Supplemental tax unanswered questions
At the Nov. 18 Board of Selectmen meeting, on the job for just 13 days, the new Republican supermajority used the most significant power they have and imposed a 3-mill supplemental tax, bypassing the town meeting.
The supplemental tax is troublesome for two reasons: the amount of the tax was not substantiated by anyone — even the town attorney and the town manager acknowledged this at the meeting; and no argument was made for why it was necessary at this time (although it was suggested that it would make administrative jobs easier than juggling payments).
Mayor Lisa Smith says the vote on the grant anticipation note (GAN) equaled support for the supplemental tax. But it does not follow that supporters of the GAN support the supplemental tax. Both the Democrats and Republicans supported the GAN during the campaign but not the supplemental tax.
Thirty-nine percent of voters supported the Republican supplemental tax pledge.
Thirty-two percent supported the Democrats pledge of no supplemental tax unless absolutely necessary.
Twenty-eight percent supported the Independents pledge of no GAN and no supplemental tax.
So, 60 percent of voters did not support the Republican plan for a supplemental tax.
Selectman Dan Langer was certain that no one opposed the supplemental tax because “he had not talked to anyone who opposed it” or “heard that anyone opposed it” until the meeting. He assured us that they had studied the matter thoroughly and that this was the necessary solution that must be done now.
But Dan was unable to back up his assurances other than to say that his decision on the 3 mills was based on the recommendation of the town attorney, town manager and finance director. Even though the town manager publicly said that he could make it work whatever the choice and acknowledged that the supplemental tax would make it easier for town hall but was more of a burden on taxpayers.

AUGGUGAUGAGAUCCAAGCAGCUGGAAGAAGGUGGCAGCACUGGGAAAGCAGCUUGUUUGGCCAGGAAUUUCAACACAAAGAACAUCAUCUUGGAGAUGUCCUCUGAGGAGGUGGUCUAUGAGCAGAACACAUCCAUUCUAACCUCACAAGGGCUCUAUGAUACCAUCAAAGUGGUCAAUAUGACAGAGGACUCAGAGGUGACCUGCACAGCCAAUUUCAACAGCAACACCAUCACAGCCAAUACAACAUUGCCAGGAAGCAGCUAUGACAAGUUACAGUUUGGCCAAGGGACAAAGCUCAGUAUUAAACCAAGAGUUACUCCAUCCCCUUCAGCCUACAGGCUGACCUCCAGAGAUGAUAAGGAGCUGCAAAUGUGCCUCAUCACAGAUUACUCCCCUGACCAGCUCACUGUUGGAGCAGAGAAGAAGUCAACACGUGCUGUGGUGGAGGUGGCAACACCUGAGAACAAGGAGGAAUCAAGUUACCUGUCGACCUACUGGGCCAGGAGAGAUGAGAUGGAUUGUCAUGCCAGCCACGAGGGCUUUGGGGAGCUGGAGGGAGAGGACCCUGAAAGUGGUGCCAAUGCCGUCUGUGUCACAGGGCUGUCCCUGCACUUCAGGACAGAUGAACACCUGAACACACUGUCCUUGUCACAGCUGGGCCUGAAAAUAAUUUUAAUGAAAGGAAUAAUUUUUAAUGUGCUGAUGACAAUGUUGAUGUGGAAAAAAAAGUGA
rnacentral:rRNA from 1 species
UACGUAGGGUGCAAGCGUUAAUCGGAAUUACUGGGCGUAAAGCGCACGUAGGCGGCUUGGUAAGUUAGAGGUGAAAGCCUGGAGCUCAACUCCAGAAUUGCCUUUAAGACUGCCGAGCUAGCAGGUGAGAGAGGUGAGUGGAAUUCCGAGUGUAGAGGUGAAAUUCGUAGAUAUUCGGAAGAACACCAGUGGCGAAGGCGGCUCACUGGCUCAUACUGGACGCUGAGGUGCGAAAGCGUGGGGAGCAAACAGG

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When questioned about the timing of the tax — one month before Christmas — Dan tried to respond that perhaps they “should have waited until the state took over the town.” When asked what facts he had to indicate that the state might take over the town, Dan angrily shouted, “I’m done,” at which point he was summoned into the hallway and whisked away from any further questions.
We’re off to a good start. No facts, no questions.
Conspicuously absent was the Board of Education member who shouted at the Oct. 7 selectmen’s meeting during a mere discussion of the possibility of a supplemental tax that he would refuse to pay such tax and would urge others not to pay it if the Democrats did not let the people vote on it at a referendum.
Others at Monday’s meeting did not demand the same of these selectmen as they did of the previous selectmen. This in light of the Republicans actually imposing a tax that will cost taxpayers real money without adequate substantiation of the amount or establishing that it had to be imposed now. Hypocrisy demonstrated.
Charlene LaVoie is the community lawyer in Winsted. Her office is funded by the Shafeek Nader Trust for the Community Interest.